Glycosaminoglycans (GAGs) are highly negatively charged sugar chains that are covalently bound to a protein core to form aggrecan, which is one of the primary matrix molecules of cartilage. A few studies have proved that depletion of the GAG content, which is responsible for load distribution and compressive stiffness, is associated with cartilage degeneration and is believed to be an early event in the development of OA.[13],[14] Similar to T1 rho, which is sensitive to changes in PG loss of cartilage, delayed gadolinium-enhanced magnetic resonance imaging of cartilage (dGEMRIC) is a molecular imaging technique that is widely used to determine the GAG content in cartilage, especially in the knee joint.[15],[16] Owman et al.[17] investigated patients with knee pain but normal radiography using dGEMRIC at baseline, and found that the GAG content in cartilage was associated with radiographic OA 6 years later.

The GAG content of the lateral compartment cartilage in knees conforming to the indications for Oxford medial UKA has not yet been clarified. Given the importance of the lateral compartment cartilage in preoperative evaluation and prognostic prediction of UKA, this study aimed to use dGEMRIC to identify the GAG content of the lateral compartment cartilage in knees conforming to the indications for Oxford medial UKA.


  Methods Top


Ethical approval

The Ethics Committee of China-Japan Friendship Hospital approved the study (No. 2016-96). All procedures were in accordance with the Helsinki Declaration of 1975, as revised in 2000. All participants signed written informed consent before inclusion.

Participants

From December 2016 to May 2017, twenty patients (20 osteoarthritic knees) scheduled to undergo Oxford medial UKA were included as the OA group. The inclusion criteria were the current indications for Oxford medial UKA:[4],[7] isolated anteromedial OA producing pain, preserved full-thickness cartilage in the lateral compartment (joint space width >5 mm on valgus stress radiography), an intact anterior cruciate ligament (ACL), posterior cruciate ligament and medial collateral ligament (MCL), range of motion >90°, and varus and flexion deformity <15°. Age, obesity, and patellofemoral OA were not considered contraindications to surgery. In the same period, twenty healthy volunteers (20 knees without OA) paired with the OA group regarding sex, knee side, age (±3 years), and body mass index (BMI) (±3 kg/m2) were included as the control group. Controls were excluded if there was any pain or radiographic OA in the knee. All participants were evaluated by careful physical and radiographic examinations of the knee to make sure that they met the inclusion criteria exactly. Radiographic examinations included standard weight-bearing anteroposterior (AP), valgus stress (in 20° flexion), true lateral, skyline, and AP hip-to-ankle radiographs. In the OA group, the ACL was evaluated on the true lateral radiograph (wear in the anterior or middle area of the medial tibial plateau), and the MCL was evaluated on the valgus stress radiograph (medial joint space turn to normal). The integrity of both the ACL and the MCL was finally confirmed intraoperatively. Exclusion criteria for both groups were a history of arthrotomy, history of contrast medium allergy, renal insufficiency (glomerular filtration rate <60 ml/min), and absolute contraindications to magnetic resonance imaging (MRI; metal implants within the body). All participants received dGEMRIC.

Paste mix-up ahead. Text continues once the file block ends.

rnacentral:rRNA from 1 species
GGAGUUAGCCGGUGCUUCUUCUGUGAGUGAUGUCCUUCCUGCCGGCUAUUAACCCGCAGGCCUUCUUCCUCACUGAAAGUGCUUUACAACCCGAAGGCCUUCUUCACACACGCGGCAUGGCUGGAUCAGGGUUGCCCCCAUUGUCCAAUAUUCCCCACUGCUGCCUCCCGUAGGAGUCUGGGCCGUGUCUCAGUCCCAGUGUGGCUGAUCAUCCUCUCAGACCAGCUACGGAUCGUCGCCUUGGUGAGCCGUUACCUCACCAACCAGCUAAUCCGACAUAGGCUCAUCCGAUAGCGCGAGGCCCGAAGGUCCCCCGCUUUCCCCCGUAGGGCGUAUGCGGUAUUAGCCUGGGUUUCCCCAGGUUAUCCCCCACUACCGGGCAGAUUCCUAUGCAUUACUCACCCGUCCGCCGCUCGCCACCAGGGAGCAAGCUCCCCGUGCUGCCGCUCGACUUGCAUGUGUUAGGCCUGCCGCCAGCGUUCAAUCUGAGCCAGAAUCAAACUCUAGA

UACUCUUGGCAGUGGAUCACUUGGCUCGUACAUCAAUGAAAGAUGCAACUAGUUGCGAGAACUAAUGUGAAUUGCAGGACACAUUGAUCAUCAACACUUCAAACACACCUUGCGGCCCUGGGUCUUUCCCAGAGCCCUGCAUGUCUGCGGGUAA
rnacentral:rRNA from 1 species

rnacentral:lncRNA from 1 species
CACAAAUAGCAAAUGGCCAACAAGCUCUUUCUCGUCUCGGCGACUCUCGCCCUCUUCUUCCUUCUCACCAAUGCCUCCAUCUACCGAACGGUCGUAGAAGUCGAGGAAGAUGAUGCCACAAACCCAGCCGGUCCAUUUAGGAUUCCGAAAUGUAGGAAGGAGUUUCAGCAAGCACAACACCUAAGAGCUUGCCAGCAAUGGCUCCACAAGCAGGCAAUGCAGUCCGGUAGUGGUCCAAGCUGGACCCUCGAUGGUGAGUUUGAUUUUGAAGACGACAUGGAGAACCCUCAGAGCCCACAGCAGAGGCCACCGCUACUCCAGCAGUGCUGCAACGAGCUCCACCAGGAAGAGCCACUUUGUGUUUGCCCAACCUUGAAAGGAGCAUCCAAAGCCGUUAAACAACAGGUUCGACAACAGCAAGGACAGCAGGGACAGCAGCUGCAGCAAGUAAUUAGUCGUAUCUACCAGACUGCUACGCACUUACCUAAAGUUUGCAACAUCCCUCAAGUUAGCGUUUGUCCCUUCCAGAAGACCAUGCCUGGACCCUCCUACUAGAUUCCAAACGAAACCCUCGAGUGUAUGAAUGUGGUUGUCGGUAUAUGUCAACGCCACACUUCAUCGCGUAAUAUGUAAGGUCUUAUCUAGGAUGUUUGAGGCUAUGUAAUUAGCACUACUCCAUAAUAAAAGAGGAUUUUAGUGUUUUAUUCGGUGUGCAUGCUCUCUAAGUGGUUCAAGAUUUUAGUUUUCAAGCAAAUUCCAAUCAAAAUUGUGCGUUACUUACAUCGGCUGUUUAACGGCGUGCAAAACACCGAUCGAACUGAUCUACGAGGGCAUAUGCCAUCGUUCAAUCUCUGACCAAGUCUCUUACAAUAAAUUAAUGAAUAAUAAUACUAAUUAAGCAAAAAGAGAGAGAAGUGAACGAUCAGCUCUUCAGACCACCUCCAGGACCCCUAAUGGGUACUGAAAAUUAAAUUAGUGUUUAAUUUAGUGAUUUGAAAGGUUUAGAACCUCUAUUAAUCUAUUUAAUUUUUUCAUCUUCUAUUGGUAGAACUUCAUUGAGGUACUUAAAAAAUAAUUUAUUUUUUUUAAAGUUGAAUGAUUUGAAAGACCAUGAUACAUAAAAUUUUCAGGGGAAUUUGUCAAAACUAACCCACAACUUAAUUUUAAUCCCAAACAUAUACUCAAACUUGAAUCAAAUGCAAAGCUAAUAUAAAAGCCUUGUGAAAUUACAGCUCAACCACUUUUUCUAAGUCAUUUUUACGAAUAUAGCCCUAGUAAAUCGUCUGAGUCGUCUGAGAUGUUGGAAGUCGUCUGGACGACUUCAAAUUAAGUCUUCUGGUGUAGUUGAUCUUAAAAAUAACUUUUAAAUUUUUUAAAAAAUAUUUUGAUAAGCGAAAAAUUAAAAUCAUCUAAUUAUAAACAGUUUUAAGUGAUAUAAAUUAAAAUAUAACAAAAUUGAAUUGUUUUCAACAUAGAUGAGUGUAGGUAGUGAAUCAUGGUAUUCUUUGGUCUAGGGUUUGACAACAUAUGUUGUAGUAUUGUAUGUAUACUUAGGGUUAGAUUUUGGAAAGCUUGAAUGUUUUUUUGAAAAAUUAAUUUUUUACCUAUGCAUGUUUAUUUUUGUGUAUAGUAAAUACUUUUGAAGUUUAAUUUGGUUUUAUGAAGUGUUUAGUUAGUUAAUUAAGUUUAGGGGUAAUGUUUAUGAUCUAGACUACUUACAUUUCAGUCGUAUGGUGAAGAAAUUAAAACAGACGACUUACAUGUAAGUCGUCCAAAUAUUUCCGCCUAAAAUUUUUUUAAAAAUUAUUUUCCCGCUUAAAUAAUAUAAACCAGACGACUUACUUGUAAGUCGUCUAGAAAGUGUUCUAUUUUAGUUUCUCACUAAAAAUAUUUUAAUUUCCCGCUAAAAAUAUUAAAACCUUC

Magnetic resonance imaging evaluation

A 3.0 T MRI system (General Electric Healthcare, Milwaukee, WI, USA) with a dedicated knee coil was used for the examinations. Gd-DTPA2- (Magnevist, Schering AG, Berlin, Germany) was injected intravenously at a dose of 0.2 mmol/kg approximately 1.5 h before the dGEMRIC investigation. The injection time of Gd-DTPA2- was <5 min. To increase the Gd-DTPA2- distribution in the articular cartilage, the participants continuously walked for 10 min after the injection. After walking and a delay of 80 min, the dGEMRIC images were acquired. Seven sagittal slices (3-mm-thick) were positioned in the lateral femoral condyle and tibial plateau. The inversion recovery fast spin echo sequence was used in the MRI examination, and the relative parameters were set (inversion times: 100, 300, 500, 800, and 1600 ms; repetition time: 3000 ms; echo time: 14 ms; field of view: 160 mm × 160 mm; and matrix: 256 × 256 pixels).

The selection of the regions of interest (ROIs) was standardized and based on the suggestions by Eckstein et al.[18] and van Tiel et al.[19] The ROIs were drawn manually on three consecutive slices through the lateral compartment (central slice and one adjacent slice on each side), and consisted of the femoral cartilage (FC), the weight-bearing FC (wbFC), the posterior non-weight-bearing FC (pFC), and the tibial cartilage (TC) [Figure 1]a. The MATLAB 7.1 (Mathworks Inc., Natick, MA, USA) and MRIMapper software packages (2006a R2.2, Beth Israel Deaconess Medical Center, Boston, MA, USA) were used to create T1 maps of the femoral and tibial cartilage in the three consecutive slices, and the mean dGEMRIC indices (T1Gd) were calculated in each ROI [Figure 1]. The measurements were repeated two times by the same researcher in every ROI, and the mean T1Gd was recorded. To ensure the accuracy of outcomes, the selection of the ROIs and creation of the T1 maps were done by an experienced researcher who had been focused on this field for more than 5 years. The anterior FC belongs to the lateral facet of the trochlea and had worn in some patients. Given patellofemoral OA is not considered an absolute contraindication to UKA, we did not detect the anterior FC and patellar cartilage.[20]